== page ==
Large stories in both local daily newspapers here in New London County, CT this morning is the local Double A (Eastern League) baseball team has reinstituted the practice of collecting a parking fee for each vehicle that heads to Dodd Stadium to catch the CT Defenders in action. Back in the day, when the stadium first opened a dozen years ago, and the team was called the Norwich Navigators, the same policy led to lines of slow-moving traffic up and down the road through what we then called the Industrial Park.
An end result of this policy may well have been the delay caused by all the traffic forced 'The Voice of the Yankees', Bob Sheppard, who'd been brought in (to enunciate the first vowel?) especially for the inaugural game (the Navigators were a Yankee affiliate) to cool his heels in the back of the limo that was part of the arrangement to get him to Norwich in the first place and he didn't arrive at Dodd Stadium until the third inning. (For my part, I don't recall a limo driver holding a sign waiting for me when I arrived at JFK back in 1991. Obviously, I am the voice of cynical despair and not of human growth hormones, so no limo for lamos.)
That this kind of stuff makes the front page of one of the papers (above the fold) and the front page of the other's regional section is a testimonial to how slow a news day Wednesdays usually are. Bear that in mind if you're planning on invading another country, finding a cure for an infectious disease or announcing you're running for President (just don't do the latter at Dodd Stadium because they'll charge the TV guys double for the Ku-band uplink truck and engineers hate to pay for parking at an event they're covering and will bitch about it to the reporter all the way back to the station.) You could try doing all three at the same time, but I don't think you'll get any more column inches as a result though perhaps Geraldo will become your BFF or at least for the remainder of the news cycle.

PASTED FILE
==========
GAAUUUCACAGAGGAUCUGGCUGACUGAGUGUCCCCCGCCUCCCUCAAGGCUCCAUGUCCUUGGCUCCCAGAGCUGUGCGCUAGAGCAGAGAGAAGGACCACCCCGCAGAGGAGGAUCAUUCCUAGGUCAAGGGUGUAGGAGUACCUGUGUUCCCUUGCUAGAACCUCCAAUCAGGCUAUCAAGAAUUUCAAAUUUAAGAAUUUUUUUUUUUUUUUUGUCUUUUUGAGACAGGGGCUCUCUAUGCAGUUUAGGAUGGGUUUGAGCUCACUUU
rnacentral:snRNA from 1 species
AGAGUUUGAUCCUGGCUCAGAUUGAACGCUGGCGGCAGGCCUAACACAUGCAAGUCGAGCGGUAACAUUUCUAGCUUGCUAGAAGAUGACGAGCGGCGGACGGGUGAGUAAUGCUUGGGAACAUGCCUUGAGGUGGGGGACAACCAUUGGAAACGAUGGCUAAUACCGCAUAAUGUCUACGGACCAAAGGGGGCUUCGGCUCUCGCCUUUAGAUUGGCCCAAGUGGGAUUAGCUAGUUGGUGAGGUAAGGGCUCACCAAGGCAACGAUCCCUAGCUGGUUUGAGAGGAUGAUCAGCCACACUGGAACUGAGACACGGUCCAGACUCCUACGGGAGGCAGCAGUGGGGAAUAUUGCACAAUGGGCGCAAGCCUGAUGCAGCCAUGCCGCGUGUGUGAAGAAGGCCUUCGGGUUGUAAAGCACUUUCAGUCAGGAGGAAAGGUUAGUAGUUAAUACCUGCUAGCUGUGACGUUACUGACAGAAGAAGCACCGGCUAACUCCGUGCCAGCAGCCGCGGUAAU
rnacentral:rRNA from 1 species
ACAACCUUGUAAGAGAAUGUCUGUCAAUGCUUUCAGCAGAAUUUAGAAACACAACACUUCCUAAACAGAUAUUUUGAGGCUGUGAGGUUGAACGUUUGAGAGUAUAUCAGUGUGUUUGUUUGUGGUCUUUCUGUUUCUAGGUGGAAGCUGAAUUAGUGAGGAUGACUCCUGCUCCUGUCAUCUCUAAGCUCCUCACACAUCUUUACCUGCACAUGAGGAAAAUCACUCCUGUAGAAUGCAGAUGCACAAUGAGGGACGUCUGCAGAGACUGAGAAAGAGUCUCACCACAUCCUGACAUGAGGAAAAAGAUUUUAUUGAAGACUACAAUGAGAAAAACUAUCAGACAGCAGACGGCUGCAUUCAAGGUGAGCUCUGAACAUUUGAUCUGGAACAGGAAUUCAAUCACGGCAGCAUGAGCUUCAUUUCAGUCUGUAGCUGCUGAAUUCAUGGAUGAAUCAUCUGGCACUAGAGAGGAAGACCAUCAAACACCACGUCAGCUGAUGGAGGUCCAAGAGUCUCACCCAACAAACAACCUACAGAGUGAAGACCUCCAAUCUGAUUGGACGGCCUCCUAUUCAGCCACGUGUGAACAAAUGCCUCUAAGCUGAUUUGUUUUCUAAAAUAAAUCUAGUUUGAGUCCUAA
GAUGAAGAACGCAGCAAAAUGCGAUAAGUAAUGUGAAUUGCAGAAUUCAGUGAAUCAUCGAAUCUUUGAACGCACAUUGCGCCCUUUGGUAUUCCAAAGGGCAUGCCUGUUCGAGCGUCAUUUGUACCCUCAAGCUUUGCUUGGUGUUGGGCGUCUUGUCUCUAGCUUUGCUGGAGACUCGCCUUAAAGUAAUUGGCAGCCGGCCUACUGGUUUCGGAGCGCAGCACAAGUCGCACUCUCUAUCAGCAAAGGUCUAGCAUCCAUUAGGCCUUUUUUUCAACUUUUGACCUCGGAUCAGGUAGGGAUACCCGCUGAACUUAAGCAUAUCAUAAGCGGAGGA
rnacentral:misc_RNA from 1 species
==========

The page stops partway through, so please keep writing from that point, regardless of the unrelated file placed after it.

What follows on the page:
Of course, you might want to consider that invasion thing carefully as it's not as popularly supported now as it once was, though from what I've been reading, it wasn't all that popularly supported then either. What do you make of this? "A republic cannot be an empire, for government derives their just powers from the consent of the governed, and colonialism violates this theory." Sounds a little bit like someone testing the limits of The Patriot Act, doesn't it?
Well, not really. Those are the words of William Jennings Bryan, he of Scopes Monkey trial fame, of the Cross of Gold speech, a three time candidate for the Presidency of the US, and former Secretary of State. He offered that observation as another President, William McKinley, led the nation into another faraway war, the Spanish American War.
He was quite the orator and you can check that for yourself, here, but if he didn't offer original and important ideas cogently and coherently argued and presented, we'd have no knowledge of him today (case in point: we all know or used to know Lincoln's Gettysburg Address but who remembers the name of the man who spoke BEFORE Lincoln at the battlefield cemetery dedication.....Edward Everett). So deeds are important and always will be, but so, too, are ideas and the ability to advocate for them, express and defend them.
And maybe it's just me, but stuck in traffic, waiting to pay for parking for a minor league baseball game, whether it's Limbaugh or Hightower on the radio, we seem to be suffering a dearth of original thinking and eloquent expression. And as we continue Slouching Towards Bethlehem (sorry Joan, WB Yeats had it first and best) and wonder why The Fates have chosen the destiny for us they have, Bryan's ghost suggests that "Destiny is no matter of chance. It is a matter of choice. It is not a thing to be waited for, it is a thing to be achieved."